Your E-commerce Website Needs SSL Certificates—Here’s Why

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3 minute read

As a business owner, trust with your customers is key to establishing and maintaining a long-lasting relationship. You build that trust through every interaction, whether in person, on the phone, in emails, or through your website.

That last one—your website—is particularly important for e-commerce businesses, where it might be the first (and only) interaction you have with customers. Hence the importance of securing your site so customers can feel safe while browsing and purchasing your products. You can secure your site with tools like SSL certificates, which we explore below.

3 FAQs About SSL Certificates


1. What is an SSL certificate?

For technical reference, SSL stands for secure sockets layer, which is a global standard security technology. More to the point: An SSL certificate is a security protocol that serves a dual purpose:

  • On one hand, the certificate offers visitors proof of identity for the website, detailing aspects such as domain name, hostname, server name, company name, and location.
  • In addition, the certificate encrypts the connection between your website and visitors’ browsers. This ensures whatever data your website visitors are sending or receiving on the site remains private and secure.

How can you tell whether a site is using SSL? If you’ve ever noticed the familiar padlock icon near the URL when visiting a website, it’s because the site has an active SSL certificate. In addition, that site’s web address would have started with “https” instead of the standard (and less secure) “http.”

2. Where did SSL certificates come from?

Do you remember Netscape? It was the face of the internet before Google came along. In any case, Netscape first developed the SSL certificate in the mid-1990s when the internet was starting to become more prominent and readily accessible to the everyday consumer.

Interestingly enough, the first publicly released version of the protocol was SSL 2.0. Theories vary as to why the first version (SSL 1.0) was never released, but it’s widely believed to be because of critical flaws and vulnerabilities. SSL 2.0 addressed these flaws, but was also quickly superseded by the more secure SSL 3.0.

3. Why should you have an SSL certificate for your business website?

Remember that trust is an essential part of solidifying customer relationships. SSL certificates are extremely valuable for any business, especially one that uses an e-commerce website, because they instill a sense of trust in site visitors. These soon-to-be customers are sharing sensitive financial and identifying information, and knowing you have taken strides to secure that information goes a long way in building trust.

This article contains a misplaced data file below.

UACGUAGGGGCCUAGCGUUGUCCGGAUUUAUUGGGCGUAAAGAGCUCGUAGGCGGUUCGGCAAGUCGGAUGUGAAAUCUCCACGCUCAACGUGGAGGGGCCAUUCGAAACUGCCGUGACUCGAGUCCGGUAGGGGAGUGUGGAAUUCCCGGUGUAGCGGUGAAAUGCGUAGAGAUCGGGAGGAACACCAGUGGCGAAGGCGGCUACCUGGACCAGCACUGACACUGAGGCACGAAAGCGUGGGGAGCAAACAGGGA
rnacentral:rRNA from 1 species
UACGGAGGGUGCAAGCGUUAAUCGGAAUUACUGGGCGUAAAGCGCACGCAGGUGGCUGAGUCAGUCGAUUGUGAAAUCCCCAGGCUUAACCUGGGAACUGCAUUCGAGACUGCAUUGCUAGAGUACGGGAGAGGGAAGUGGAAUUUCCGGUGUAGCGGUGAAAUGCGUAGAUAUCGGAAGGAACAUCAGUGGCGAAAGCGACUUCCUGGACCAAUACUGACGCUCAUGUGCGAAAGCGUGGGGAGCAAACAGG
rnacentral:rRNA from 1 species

In addition, SSL certificates are one of several requirements for PCI DSS compliance—the Payment Card Industry Data Security Standard. This standard lays out security mandates for businesses to follow to protect sensitive consumer data such as credit card numbers. So, if you plan to accept online payments from customers for your products, SSL certificates are a must.

But credit card numbers aren’t the only data points warranting an SSL certificate. Plenty of other sensitive information needs to be protected when visitors access and use your website:

  • Other financial information (such as bank accounts)
  • Personally identifiable information (names, addresses, dates of birth, social security numbers, etc.)
  • Login credentials
  • Legal documents
  • Medical records
  • Other proprietary or confidential information

Beyond mere requirements, there’s also the business case of improved conversion rates, a prime concern for ecommerce retailers. Employing an SSL certificate has been cited as a key reason for boosting conversion rates on websites by significant amounts—between 10% and 30%, and in some cases even more. Similar studies have found there’s also a high correlation between the use of SSL certificates and customers spending more per purchase.

Unsurprisingly, the reverse case is true as well: Without a sign of security and trust like an SSL certificate, customers are less likely to buy on your website. Approximately 15% of cart abandonment is attributable to customer concerns about payment security, and that could represent a sizeable blow to your bottom line.

Now that you’re in the know about SSLs, just remember that when you make a website, be sure to use a website design service that employs SSL certificates by default. A security-first approach is a must when choosing the right website design and website hosting partner.